In a new biography titled "Einstein" Walter Isaacson refers to a remark made by the revered scientist, Lord Kelvin, when he was addressing the British Association for the Advancement of Science in 1900. He counseled young men not to go into the field of physics because: "There is nothing new to be discovered in physics now. All that remains is more and more precise measurements." Hmmm.
Even as he spoke a fuzzy headed, non-conformist, 21 year old Jew by the name of Albert Einstein, who had just graduated near the bottom of his class at Zurich Polytechnic College had strange new ideas about the structure of reality buzzing in his brain. After two desperate years of looking for a job, he was finally hired as a 3rd class technician at the patent office in Bern Switzerland. While working 8 hours a day, 6 days a week, and juggling a chaotic personal life, he came up with a scientific theory of Special Relativity which turned the world of physics on its ear. The famous equation E=MC2 came from Einstein’s 1905 paper on special relativity. It overturned long-held concepts in Isaac Newton’s "Principia Mathematica," such as the idea of absolute time. Newton, who had reigned supreme for over 200 years, was no longer infallible.
Lord Kelvin’s pronouncement that no thing new remained to be discovered was a colossal misjudgment. Everything old had to be re-examined and a whole new world of physics was opened up. When Albert Einstein died 55 years after Lord Kelvin’s pronouncement that everything new had been discovered, the whole world tipped their hat to this strange, imaginative, impertinent patent clerk who had become "the mind reader of the creator of the cosmos and the locksmith of the mysteries of the atom and the universe.
As the bright new age of the modern world dawned, Lord Kelvin was not the only person to think we knew just about all there was to know. In 1899, Charles Duell, Director of the U.S. Patent Office, urged President William McKinley to abolish the Patent Office. He told the President that "Everything that could be invented had been invented." But, even as he spoke two sons of a Methodist Bishop by the names of Wilbur and Orville Wright were toying with ideas of flight that would eventually revolutionize travel.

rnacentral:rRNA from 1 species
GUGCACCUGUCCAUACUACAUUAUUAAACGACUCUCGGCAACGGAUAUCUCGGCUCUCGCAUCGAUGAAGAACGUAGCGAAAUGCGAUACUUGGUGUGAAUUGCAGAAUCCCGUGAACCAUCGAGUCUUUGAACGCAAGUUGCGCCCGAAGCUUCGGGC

During the Great Depression in the 1930s my brother and I walked two miles on Saturday nights to hear the "Grand Ole Opry," being broadcast from Nashville, Tennessee, on a battery operated radio. In 1941, my father ordered a Silvertone radio from Sears Roebuck for $15.00 so we could listen to the "war news." As we listened to voices from thousands of miles away speak in our own living room, I thought this was as good as it gets. Surely there was nothing more that could be invented in the field of mass communication. Somebody, somewhere, said there was a strange new invention called television on the drawing board that could send real-time live pictures. What a crazy idea. I certainly did not believe it.
In this first decade of the 21st Century we have advanced instruments of technology that Lord Kelvin and Charles Duell would never believe possible. I scarcely believe it possible myself.
Surely by now "everything that can be invented has already been invented!" Shall we close the Patent Office? Hmmm.